- The first half of the session involves looking at our personal reaction to the book, considering various contexts for instance what we know of the author, the intended audience and sense of community and politics it raises. After a break of 10-15 minutes, the second half of the seminar looks at the book’s relevance to clinical practice. There may, of course, be some overlaps between the two halves of the session.
Past Reading Groups
Reading group on the 29th Feb 20
This group discussed the Sunday Times bestseller: ‘Natives: Race and Class in the Ruins of Empire’ by artist, writer and historian Akala.
‘My book of the year. It’s personal, historical, political, and it speaks to where we are now. This is the book I’ve been waiting for – for years.’ – Benjamin Zephaniah
‘Part biography, part polemic, this powerful, wide-ranging study picks apart the British myth of meritocracy.’ – David Olusoga, The Guardian
‘Akala is at his best destroying the comfortable myths that are invoked by white fragility to downplay attempts to correct the historical record … Akala makes it clear that he is not brimming with optimism. But reading Natives – witnessing the kind of disruptive, aggressive intellect that a new generation is closely watching – I can’t help but be just that.’ – Afua Hirsch, Observer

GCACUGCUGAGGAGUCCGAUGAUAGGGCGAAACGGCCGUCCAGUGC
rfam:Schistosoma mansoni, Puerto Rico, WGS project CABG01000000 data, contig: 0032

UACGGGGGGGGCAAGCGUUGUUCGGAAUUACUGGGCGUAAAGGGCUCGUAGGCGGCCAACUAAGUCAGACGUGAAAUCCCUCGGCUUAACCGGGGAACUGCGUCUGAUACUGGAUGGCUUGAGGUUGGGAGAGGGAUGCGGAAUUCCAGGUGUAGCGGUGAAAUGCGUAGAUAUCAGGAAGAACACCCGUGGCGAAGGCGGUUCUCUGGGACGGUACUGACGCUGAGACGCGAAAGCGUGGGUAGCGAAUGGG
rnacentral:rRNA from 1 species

‘What I love about this book is it’s kind of like a testimony, a story of contemporary London. He is like one of the Baldwins or Hooks of our generation, who walks among us, you know? When he theorises, it’s from a place of knowing rather than some distant place up above… He is very good at remembering and honouring the experiences that have shaped him, and he applies it in a very real way.’ – Madani Younis, The Guardian
Reading group on the 14th Jul 2020
This group discussed we 2017 revised and updated edition of the 1997 bestseller exploring the psychology of race and racism in the United States: ‘Why Are All the Black Kids Sitting Together in the Cafeteria?‘ by Psychologist and president emerita of Spelman College, Dr. Beverly Daniel Tatum.
“Why Are All the Black Kids Sitting Together in the Cafeteria? was a landmark publication when it appeared in 1997. Twenty years later this updated edition is as fresh, poignant and timely as ever.”- Earl Lewis, President, the Andrew W. Mellon Foundation
“An unusually sensitive work about the racial barriers that still divide us in so many areas of life.”- Jonathan Kozol
“We don’t talk about race in America, but we must start if we are going to heal this broken country–and Beverly Tatum’s book is exactly the conversation opener we should be using.”–Jodi Picoult